Calabresi acknowledged that applying the originalist theory can be challenging especially in a world that’s so different now that it used to be even 30 years ago. “We need to interpret the Constitution as it applies in 2020, literally, holistically, and purposefully. History is foundational, as a starting point, but applying it to our world is more complicated,” he said.

As an example, Thomas asked about defending Obergefell v. Hodges, the 2015 Supreme Court ruling that legalized same-sex marriage, on originalist grounds.

To defend Obergefell, Amar cited the 14th Amendment, which he said is about “birth equality. “The first sentence says that everyone born in the U.S. is born equally. What does that mean? I think it means that we are born equal, male and female, black and white, Jew and gentile, in wedlock and out of wedlock. But I think today it means that we are born equal, gay or straight. Today, science and culture have an idea that people are born gay or straight. They may not have even had that idea back then. Lady Gaga had not yet written or sung, ‘Born This Way.’ We are applying the birth equality principle in different times of cultural understanding.”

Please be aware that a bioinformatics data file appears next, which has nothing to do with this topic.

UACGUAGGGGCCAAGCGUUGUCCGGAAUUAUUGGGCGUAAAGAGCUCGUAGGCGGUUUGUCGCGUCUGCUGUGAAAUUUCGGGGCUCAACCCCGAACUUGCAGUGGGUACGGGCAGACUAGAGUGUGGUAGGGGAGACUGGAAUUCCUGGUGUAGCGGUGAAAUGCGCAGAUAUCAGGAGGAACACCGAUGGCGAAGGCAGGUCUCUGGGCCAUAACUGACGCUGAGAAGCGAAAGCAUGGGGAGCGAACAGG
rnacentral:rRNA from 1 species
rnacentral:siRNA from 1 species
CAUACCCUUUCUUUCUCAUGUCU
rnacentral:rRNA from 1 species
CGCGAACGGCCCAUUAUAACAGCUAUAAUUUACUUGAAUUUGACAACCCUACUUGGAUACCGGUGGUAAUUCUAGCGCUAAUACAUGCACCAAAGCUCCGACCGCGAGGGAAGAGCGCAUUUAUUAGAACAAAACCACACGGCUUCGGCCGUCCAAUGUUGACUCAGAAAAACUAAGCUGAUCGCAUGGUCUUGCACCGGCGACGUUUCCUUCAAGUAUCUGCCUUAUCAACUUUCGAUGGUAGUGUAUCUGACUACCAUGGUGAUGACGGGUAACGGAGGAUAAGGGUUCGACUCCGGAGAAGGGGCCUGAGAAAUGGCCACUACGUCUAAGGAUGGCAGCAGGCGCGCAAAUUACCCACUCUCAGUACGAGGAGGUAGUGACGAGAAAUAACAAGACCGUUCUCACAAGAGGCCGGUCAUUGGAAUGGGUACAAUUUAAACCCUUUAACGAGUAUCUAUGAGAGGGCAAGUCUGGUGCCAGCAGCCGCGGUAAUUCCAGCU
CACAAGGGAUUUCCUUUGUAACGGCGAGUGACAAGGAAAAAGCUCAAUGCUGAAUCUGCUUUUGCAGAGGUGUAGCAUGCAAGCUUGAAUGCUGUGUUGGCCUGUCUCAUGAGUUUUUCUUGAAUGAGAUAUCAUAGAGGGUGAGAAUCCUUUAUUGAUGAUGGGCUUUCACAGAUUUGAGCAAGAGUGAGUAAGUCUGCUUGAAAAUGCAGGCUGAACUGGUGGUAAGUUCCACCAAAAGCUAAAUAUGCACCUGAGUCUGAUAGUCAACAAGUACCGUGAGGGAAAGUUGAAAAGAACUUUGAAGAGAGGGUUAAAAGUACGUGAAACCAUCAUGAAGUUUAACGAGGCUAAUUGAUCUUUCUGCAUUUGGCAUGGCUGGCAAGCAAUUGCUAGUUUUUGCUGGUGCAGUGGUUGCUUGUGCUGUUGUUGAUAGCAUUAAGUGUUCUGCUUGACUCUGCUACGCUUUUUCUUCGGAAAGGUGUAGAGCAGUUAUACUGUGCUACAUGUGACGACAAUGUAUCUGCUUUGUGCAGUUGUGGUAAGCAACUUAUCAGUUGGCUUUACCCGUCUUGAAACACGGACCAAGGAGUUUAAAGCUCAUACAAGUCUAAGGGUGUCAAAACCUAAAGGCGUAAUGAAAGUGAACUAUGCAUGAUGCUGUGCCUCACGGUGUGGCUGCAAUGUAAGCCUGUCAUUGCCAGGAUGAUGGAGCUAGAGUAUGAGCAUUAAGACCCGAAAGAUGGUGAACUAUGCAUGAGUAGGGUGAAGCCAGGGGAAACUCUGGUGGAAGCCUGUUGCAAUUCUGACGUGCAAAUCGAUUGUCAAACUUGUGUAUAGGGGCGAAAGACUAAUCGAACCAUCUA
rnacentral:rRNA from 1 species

Calabresi agreed. “When the framers created the 14th Amendment, they banned systems of caste. Today, it’s clear that a ban on systems of caste mandates constitutional protection of LGBTQ couples even though no one imagined in 1868—the year the 14th Amendment was passed – that discrimination on the basis of sexual orientation was a caste. I think the 14th Amendment bans sex discrimination and racial discrimination.”

After Thomas completed his questions, Ath fellows Agard and Nandeeni Patel ’21 shared questions from the audience.

A CMC student asked, “What is more important in interpreting the Constitution? The author’s intended meaning or the contemporary public’s understanding of the meaning?”

Amar answered, that, “Steven and I both think ultimately it’s not important what’s in one person’s head, even if that person wrote the words, it’s in what the people understood when they ratified the document. We start with the words they agreed to and the agreed-upon purposes. I think judges should give weight to them.”

— Anne Bergman